More than 140,000 displaced this year alone in northeast Nigeria

Source: UN Office for the Coordination of Humanitarian Affairs
Country: Nigeria

UN Humanitarian Chief Mark Lowcock urged the government to implement wider measures to address the root causes of the crisis, after his visit to Borno state, Nigeria.

Over the past year, I have watched with growing concern the deteriorating humanitarian situation
in Borno. Ten years of conflict and violence perpetrated by Boko Haram and other non-state
armed groups have devastated communities. In my visits to Borno in September 2017 and
October 2018, I met many of the ordinary people who have been the victims of this crisis. More
than 7 million people currently need humanitarian assistance in Borno, Adamawa and Yobe

Thanks to the successful efforts of the Nigerian authorities and others between 2016 and 2018 to
regain control of areas previously ravaged by the insurgents, more than 2 million displaced
people have been able to return home. But renewed violence, most of it perpetrated by Boko
Haram insurgents, has sparked an upsurge in forced displacement in Borno, with more than
140,000 people forced to move this year alone. Many farmers have missed multiple planting
seasons and more than 3 million people are food insecure.

I am clear that military and security measures against the insurgents are a necessary and
legitimate part of the response led by the Nigerian authorities. Military action needs to be
proportionate and avoid adding to the plight of civilians, huge numbers of whom have suffered
terribly as a result of the actions of the terrorists and insurgents.

And military action on its own will not solve this problem. It is therefore extremely important
that the Nigerian Government, including through institutions like the North East Development
Commission, is also implementing wider measures to address the root causes of the crisis, relieve
humanitarian suffering, and promote stabilisation, recovery and development. I strongly support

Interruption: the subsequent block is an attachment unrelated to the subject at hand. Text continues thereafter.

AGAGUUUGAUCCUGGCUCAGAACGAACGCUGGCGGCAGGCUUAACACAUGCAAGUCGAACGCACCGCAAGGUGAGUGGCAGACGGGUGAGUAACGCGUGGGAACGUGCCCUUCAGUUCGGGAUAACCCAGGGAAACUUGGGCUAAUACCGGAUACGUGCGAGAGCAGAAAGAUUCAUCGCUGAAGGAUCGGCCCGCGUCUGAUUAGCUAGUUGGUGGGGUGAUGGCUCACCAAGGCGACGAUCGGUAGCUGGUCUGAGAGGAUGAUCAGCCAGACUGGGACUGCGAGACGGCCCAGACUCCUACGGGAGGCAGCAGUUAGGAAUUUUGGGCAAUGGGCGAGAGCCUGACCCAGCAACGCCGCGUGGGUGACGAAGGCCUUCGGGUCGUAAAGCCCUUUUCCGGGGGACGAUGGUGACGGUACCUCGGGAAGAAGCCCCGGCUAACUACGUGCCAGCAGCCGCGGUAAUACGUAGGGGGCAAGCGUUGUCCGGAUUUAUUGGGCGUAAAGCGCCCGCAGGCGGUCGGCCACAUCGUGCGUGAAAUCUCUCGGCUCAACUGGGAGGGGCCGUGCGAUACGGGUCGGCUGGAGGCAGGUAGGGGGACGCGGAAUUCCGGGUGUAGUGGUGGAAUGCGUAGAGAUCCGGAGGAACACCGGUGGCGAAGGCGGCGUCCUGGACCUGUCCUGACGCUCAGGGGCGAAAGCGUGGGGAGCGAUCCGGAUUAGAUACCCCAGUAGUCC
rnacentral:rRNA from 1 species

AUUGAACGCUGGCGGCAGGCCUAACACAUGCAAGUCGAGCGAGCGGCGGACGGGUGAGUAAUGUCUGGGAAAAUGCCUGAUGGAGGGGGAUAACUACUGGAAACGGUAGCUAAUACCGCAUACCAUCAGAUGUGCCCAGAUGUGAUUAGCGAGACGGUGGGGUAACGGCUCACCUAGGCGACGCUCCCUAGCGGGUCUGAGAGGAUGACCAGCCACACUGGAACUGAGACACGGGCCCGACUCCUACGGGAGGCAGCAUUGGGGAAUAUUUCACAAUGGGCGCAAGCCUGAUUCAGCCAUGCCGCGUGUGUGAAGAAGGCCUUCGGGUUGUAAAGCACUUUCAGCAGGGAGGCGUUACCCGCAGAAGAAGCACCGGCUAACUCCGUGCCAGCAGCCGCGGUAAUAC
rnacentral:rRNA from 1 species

these measures.

I am glad to have had the opportunity during my visit this week to review the situation with
senior figures in the Nigerian Government, with the military and other authorities in Borno, with
international, national and local NGOs, and others. With everyone I have met, I have agreed that NGOs – through their rich networks and capacity to reach people, and their expertise and
experience in operating at the community level – have a very important role to play.

The UN and humanitarian partners have supported the humanitarian response in north-east
Nigeria since the beginning of the crisis. In 2019, they have so far provided critical and lifesaving assistance to more than 3.8 million people. They have been operating in the most
challenging circumstances. A total of 38 UN and NGO workers, most of them Nigerian, have
been killed since 2011. Ten aid workers have died as a result of violence perpetrated by Boko
Haram and other non-state armed groups in the past 18 months. Six more are still missing.

All humanitarian organizations working in Nigeria which receive support from the international
community operate in full compliance with international standards, including counter-terrorism
related conditions, national laws, and humanitarian principles. Operating in that way is not only a
matter of principle but is also required as a practical condition of funding from the major donors.
And it is important to recognise that all the international NGOs working in the north-east are
authorised to do so through the Government registration process and local approvals from the
relevant authorities.

I have received assurances from the relevant authorities that the suspension of the activities of
Mercy Corps and Action Against Hunger announced in September will be lifted in the next few
days. That should allow an immediate resumption of life-saving assistance to nearly 400,000
people who have been without food and other essential help for the last month. The Government
also plans in the next fortnight to bring together all the relevant stakeholders, including the UN
and NGOs, to discuss the shared challenges in Borno. I greatly welcome all this. An enhanced
dialogue between the Government and the international community, including international
NGOs, in pursuit of the shared goals of bringing peace, promoting recovery, and assisting and
protecting innocent civilians in the north-east who have been the main victims of the conflict is
in everyone’s interest. The UN’s Humanitarian Coordinator, Mr. Edward Kallon, and his team
based in Nigeria remain at the disposal of the Government and others in support of those goals.